OMC SN002 = Former LHO OMC which CM1 was destroyed by the lock loss pulse in 2016. This OMC needs to be optically tested before storage.

The test items:

  • [done] FSR measurement with offset PDH locking (FM->AM conversion)
  • [done] FSR/finesse measurement with the EOM RFAM injection
  • [done] TMS measurement with input miaslignment and the trans RFPD misalignment: with no PZT offset
  • [done] TMS measurement with input miaslignment and the trans RFPD misalignment: with PZT offsets
     
  • PZT response
  • Mirror cleaning
  • Power budget
  • Diode alignment: shim height
  • PD/QPD alignment
  312   Thu Jan 10 20:45:00 2019 KojiOpticsCharacterizationPZT test cable

As OMC SN002 already has the PZTs connected to the Mighty-Mouse connector, a test cable with a female mighty-mouse connector was made.

A small imperfection: When the cable was inserted to the connector shell, I forgot to mirror the pin out. Therefore the color and pin number do not match.

Attachment 1: OMC_PZT_wiring.pdf
OMC_PZT_wiring.pdf
  313   Sat Jan 12 22:49:11 2019 KojiOpticsCharacterizationPM-SM patch cable mode cleaning effect

Mode cleaning capability of an optical fiber was measured. The conclusion is that the leakage of the non-fiber mode to the fiber output is insignificant and also practically negligible.

The tested fiber was Thorlabs 5-m Polarization Maintaining Single-Mode fiber (P3-1064PM-FC-5, PM Patch Cable, PANDA, 1064 nm, FC/APC, 5m).

The output mode cleaner was used as a mode analyzer. The fiber input was aligned and the misaligned so that the amount of higher order mode for the fiber is changed. The fiber output has been mode matched to an output mode cleaner. Therefore excess mode mismatch when the fiber input was misaligned, was accounted as the leakage higher order mode.

For each alignment state, the OMC transmission (in V), the OMC reflection (in V), and the OMC reflection with the OMC unlocked were measured. The voltages were measured with a digital multimeter (non-portable unit). With the fiber input beam aligned to the fiber, the fiber input and output powers were measured with a power meter.

With the input beam aligned
- Fiber input: 52.5 +/- 0.2 [mW]
- Fiber output: 35.5 +/- 0.2 [mW] (~68% coupling)
- Reflection PD offset: -0.00677 +/- 0.00001 [V]

- Refl PD reading with the OMC unlocked: 6.32 +/- 0.01 [V]
- Refl PD reading with the OMC locked: 0.133 +/- 0.002 [V]
- OMC Trans PD with the OMC locked: -1.72 +/- 0.01 [V]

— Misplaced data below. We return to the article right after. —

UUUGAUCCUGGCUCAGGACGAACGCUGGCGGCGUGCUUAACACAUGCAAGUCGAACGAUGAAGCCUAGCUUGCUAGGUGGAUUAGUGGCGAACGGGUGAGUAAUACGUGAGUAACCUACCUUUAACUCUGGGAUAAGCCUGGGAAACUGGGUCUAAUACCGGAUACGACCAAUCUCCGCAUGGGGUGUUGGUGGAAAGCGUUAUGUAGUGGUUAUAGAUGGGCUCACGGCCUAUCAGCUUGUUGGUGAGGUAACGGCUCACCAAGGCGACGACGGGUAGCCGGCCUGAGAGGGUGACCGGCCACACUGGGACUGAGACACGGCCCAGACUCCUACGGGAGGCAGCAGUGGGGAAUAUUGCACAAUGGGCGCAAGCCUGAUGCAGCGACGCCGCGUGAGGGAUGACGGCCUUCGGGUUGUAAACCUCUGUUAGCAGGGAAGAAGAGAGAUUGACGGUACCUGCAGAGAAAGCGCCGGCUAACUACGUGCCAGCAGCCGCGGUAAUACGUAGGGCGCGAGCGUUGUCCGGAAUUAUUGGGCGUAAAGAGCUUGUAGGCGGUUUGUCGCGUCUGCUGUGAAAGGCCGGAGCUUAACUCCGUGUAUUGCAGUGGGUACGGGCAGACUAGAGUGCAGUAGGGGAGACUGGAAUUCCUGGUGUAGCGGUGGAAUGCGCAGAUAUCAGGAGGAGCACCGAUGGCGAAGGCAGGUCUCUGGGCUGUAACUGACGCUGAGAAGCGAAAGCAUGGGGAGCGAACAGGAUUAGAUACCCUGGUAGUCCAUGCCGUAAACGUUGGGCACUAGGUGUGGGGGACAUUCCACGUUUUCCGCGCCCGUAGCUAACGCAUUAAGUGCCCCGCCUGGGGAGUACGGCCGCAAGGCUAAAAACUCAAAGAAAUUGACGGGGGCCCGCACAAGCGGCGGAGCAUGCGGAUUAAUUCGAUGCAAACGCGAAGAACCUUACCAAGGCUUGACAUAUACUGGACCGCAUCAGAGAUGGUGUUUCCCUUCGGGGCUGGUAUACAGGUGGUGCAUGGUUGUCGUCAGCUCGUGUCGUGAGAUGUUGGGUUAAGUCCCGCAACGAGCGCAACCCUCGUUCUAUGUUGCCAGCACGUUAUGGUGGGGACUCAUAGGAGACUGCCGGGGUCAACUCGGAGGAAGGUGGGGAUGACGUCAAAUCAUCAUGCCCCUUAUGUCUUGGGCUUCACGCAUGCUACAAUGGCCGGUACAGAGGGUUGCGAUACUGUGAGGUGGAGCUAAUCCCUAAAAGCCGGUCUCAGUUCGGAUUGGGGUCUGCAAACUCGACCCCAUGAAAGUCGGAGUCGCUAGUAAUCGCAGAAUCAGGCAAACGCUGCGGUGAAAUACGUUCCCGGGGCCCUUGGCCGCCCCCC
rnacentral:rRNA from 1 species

With the input beam misaligned
- Refl PD reading with the OMC unlocked: 3.63 +/- 0.01 [V]
- Refl PD reading with the OMC locked: 0.0752 +/- 0.001 [V]
- OMC Trans PD with the OMC locked: -1.00 +/- 0.01 [V] 

The naive mode matching was 0.9779 +/- 0.0003 and 0.9775 +/- 0.0003 without and with misalignment. We initially had roughly 17mW of non-fiber mode incident. And it was increased by roughly 15mW. For the misaligned case, the amount of the OMC-matched carrier was also reduced due to the misalignment. So the actual fiber mode cleaning effect needs more careful quantitative analysis.


The power budget at each part of the setup was modeled as shown in Attachment 1. The blue numbers are the measured values.
The factor a is the ratio of the leakage non-fiber mode into the fiber transmission.
The factor (1-b) is the mode matching of the fiber mode into the OMC mode.

\begin{align} P_{\rm omcrefl} & = a P_{\rm nofib} + b P_{\rm fib} \nonumber \\ P_{\rm fibout} & = P_{\rm omcrefl} + (1-b) P_{\rm fib} \nonumber \\ P_{\rm tot} & = P_{\rm nofib} + P_{\rm fib} \nonumber \end{align}

and

\begin{align} P'_{\rm omcrefl} &= a P'_{\rm nofib} + b P'_{\rm fib} \nonumber \\ P'_{\rm fibout} &= P'_{\rm omcrefl} + (1-b) P'_{\rm fib} \nonumber \\ P_{\rm tot} &= P'_{\rm nofib} + P'_{\rm fib} \nonumber \end{align}

With the calibration between the refl PD and the power meter measurement,
  \begin{align} P_{\rm tot} &= 52.5 \pm 0.2 {[mW]} \nonumber \\ P_{\rm fibout} &= 35.5 \pm 0.2 {\rm [mW]} \nonumber \end{align}
\begin{align} P_{\rm omcrefl} &= 0.78 \pm 0.01\,\,{\rm [mW]} \nonumber \\ P'_{\rm omcrefl} &= 0.460 \pm 0.006\,\,{\rm [mW]} \nonumber \\ P'_{\rm fibout} &= 20.4 \pm 0.13 \,\,{\rm [mW]} \nonumber \end{align}

The solution of the equations is
\begin{align} a &= (4 \pm 4) \times 10^{-4} \nonumber \\ b &= 0.0219 \pm 0.0005 \nonumber \end{align}

So, the leakage of the non-fiber mode to the fiber output is insignificant. Moreover, the number is practically negligible because the mismatching between the fiber and OMC modes is of the order of percent and dominated by the aberration of the collimator (i.e. the OMC reflection looks like concentric higher-order LG modes) with the order of 1~2%.
 

Attachment 1: fiber_mode_cleaning.pdf
fiber_mode_cleaning.pdf
  315   Sat Feb 2 16:17:13 2019 KojiOpticsCharacterizationSummary: OMC(001) HOM structure recalculation

Each peak of the transfer function measurement was fitted again with a complex function: